CHICAGO (AP) - On the day she was sworn in as the first female chief justice of the Illinois Supreme Court, Mary Ann McMorrow acknowledged her pioneering achievement with the same grace and good humor her colleagues say was customary.
"I am the 115th Chief Justice of the Supreme Court of Illinois," she said, according to a spokesman for the Illinois Supreme Court. "You will notice after I take off my robe that I am the only one of the 114 chief justices who preceded me that wears a skirt."
McMorrow died Saturday at a Chicago hospital following a brief illness, said court spokesman Joseph Tybor, who was authorized to speak on her family's behalf. She was 83.
Her five-decade career was marked by numerous precedents. She was the only woman in her 1953 class at Loyola University Chicago School of Law and was the first woman to prosecute major felony cases as an assistant Cook County state's attorney.
Once told by a supervisor she couldn't argue a case before the Supreme Court because of her gender, she went on to became the first woman on the state's highest court with her 1992 election. Her term as chief justice - from 2002 to 2005 - made her the first woman to head any branch of Illinois government.
In a statement Sunday, Chief Justice Thomas Kilbride said McMorrow's legacy looms large over Illinois' high court - the first to include three female justices.
"Being the first woman on the court and to serve as chief justice, she was an inspiration to all women in the law in Illinois. But through her courage, perseverance, wisdom, and character, she was a role model for all lawyers, regardless of gender," Kilbride said. "Justice McMorrow was top-tier. She was devoted to the law and justice; but was always collegial and good-humored. We will all miss her grace, elegance and style. Most of all, we shall miss her."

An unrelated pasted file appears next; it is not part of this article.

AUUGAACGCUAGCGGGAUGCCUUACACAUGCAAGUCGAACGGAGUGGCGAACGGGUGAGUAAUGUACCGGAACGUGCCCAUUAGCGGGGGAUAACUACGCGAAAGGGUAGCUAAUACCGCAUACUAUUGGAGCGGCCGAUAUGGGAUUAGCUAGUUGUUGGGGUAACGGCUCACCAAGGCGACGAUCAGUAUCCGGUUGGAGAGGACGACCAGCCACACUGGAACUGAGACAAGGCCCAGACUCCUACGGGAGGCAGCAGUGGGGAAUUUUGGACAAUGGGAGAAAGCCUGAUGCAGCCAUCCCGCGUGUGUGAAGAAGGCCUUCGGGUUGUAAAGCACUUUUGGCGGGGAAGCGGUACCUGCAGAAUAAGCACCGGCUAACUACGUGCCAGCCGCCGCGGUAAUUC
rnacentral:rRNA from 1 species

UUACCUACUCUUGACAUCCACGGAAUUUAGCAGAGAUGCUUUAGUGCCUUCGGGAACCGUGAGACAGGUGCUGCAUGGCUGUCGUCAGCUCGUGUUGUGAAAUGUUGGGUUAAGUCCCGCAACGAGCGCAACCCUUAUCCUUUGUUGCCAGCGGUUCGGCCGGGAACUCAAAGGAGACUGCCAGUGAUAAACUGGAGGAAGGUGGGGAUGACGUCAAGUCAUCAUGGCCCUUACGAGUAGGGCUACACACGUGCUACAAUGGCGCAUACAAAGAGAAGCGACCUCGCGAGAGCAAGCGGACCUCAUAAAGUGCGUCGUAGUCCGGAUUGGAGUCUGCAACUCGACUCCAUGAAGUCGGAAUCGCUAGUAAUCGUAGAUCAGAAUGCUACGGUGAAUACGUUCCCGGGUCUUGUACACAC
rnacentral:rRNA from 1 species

The Supreme Court said McMorrow wrote 225 majority opinions and an additional 85 se parate concurring and dissenting opinions. She wrote a 1997 opinion holding that limits on non-economic lawsuit damages for people injured through negligence were unconstitutional. McMorrow cited the case as an example of her desire to promote "the common good" as a judge.
She also used frequent speaking appearances to encourage lawyers to serve the poor. During her tenure as chief justice, the court raised the fee attorneys pay for licensure, Tybor said. Those funds - more than $2 million per year - help legal aid organizations serve low-income residents.
And although McMorrow said at the time of her 2006 retirement that she was proud of her accomplishments, she also told The Associated Press she never was trying to be "a first."
"I was just trying to do the best I could," she said. "I just thought this was my duty."
McMorrow is survived by her daughter, Mary Ann, and her sister, Frances. Arrangements were pending Sunday.
SARA BURNETT, Associated Press
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